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A CurtainUp Review
Red Letter Plays: In the Blood

Brighten up my tragedy
oh darling, marry me
let's walk on down the aisle, walk on
Down Down Down. "Marry me Baby"
Cause I'm looking for someone
to lose my looks with
looking for someone
to lose my teeth with
looking for someone
I'll lie 6-feet-underneath with

— "The Looking Song"
In the Blood
The Cast (Photo: Joan Marcus)
Unlike the Hester of the previously reviewed Fucking A , that Nathaniel Hawthorne inspired scarlet letter is not imprinted in the skin of In the Blood's Hester. Yet she's branded and ground down nevertheless by a society that lets people like Hester La Negrita fall between the cracks because they see something "in the blood" that leads to sluttishness and illegitimate children.

The central character of this second of the Red Letter Plays being given terrific productions as part of Ms. Parks' Residency One at the Signature Theater Center, is like the Hester of Fucking A, played with great passion, in this case by Saycon Sengblogh. For her tragic story Hawthorne's epithet "Adulteress" becomes Slut and the letter A, scratched out on the cement ground and walls of the makeshift home under a bridge where she struggles to make a life for her five illegitimate children, is a metaphor for how far — or rather how little — she's progressed in her struggle.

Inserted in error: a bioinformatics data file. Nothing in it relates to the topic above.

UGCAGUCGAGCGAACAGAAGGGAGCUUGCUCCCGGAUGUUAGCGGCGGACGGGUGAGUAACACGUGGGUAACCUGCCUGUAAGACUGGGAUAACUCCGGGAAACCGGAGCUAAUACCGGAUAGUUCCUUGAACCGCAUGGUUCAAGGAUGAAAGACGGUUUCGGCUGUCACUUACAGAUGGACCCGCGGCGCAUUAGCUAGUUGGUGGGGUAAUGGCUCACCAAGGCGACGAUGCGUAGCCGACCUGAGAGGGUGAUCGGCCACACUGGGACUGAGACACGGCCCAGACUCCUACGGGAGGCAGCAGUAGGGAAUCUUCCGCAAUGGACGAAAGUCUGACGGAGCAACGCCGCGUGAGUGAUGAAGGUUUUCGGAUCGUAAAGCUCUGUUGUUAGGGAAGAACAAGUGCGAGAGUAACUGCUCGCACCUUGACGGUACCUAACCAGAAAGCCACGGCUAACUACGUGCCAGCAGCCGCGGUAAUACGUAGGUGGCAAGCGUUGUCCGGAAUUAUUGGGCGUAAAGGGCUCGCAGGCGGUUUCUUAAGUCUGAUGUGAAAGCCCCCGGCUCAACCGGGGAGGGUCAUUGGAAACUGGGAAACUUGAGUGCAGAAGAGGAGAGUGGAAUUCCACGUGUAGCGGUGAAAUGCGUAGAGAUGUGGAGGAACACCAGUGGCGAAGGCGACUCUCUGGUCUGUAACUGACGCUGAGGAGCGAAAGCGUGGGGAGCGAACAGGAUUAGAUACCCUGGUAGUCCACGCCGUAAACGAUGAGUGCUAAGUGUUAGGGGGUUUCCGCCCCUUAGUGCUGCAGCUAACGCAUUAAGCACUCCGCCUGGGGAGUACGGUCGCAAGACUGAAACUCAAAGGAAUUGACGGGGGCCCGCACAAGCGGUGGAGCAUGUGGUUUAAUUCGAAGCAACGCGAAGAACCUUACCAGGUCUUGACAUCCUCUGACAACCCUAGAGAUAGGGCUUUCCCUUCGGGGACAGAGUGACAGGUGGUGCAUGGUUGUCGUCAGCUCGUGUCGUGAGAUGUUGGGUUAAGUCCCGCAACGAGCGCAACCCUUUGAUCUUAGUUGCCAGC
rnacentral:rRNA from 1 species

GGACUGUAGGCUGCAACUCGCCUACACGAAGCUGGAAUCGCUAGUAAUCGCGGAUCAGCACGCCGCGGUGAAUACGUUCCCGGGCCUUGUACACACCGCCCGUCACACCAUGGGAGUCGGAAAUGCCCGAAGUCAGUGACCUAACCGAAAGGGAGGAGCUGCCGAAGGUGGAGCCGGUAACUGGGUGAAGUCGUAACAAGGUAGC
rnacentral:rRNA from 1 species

While In the Blood has its comic moments, what it's definitely not about is light entertainment. This very raw re-imagining of "The Scarlet Letter" takes us into the subterranean existence of one homeless woman, her children and the people whose own weaknesses prompt them to prey on hers. It is an unremittingly dark and hopeless tale and yet, there's something poetically gut-wrenching in its picture of a living hell that remained firmly entrenched in my memory book when I saw the premiere production at the Public Theater.

I left that production hoping that stories such as this would become as outdated as Hester Prynne's public branding with her letter A. But as I write this homelessness is still with us. As a reminder, there's a couple that seems to have settled down permanently in a spot in front of the bus terminal I pass on my way to and from the Signature.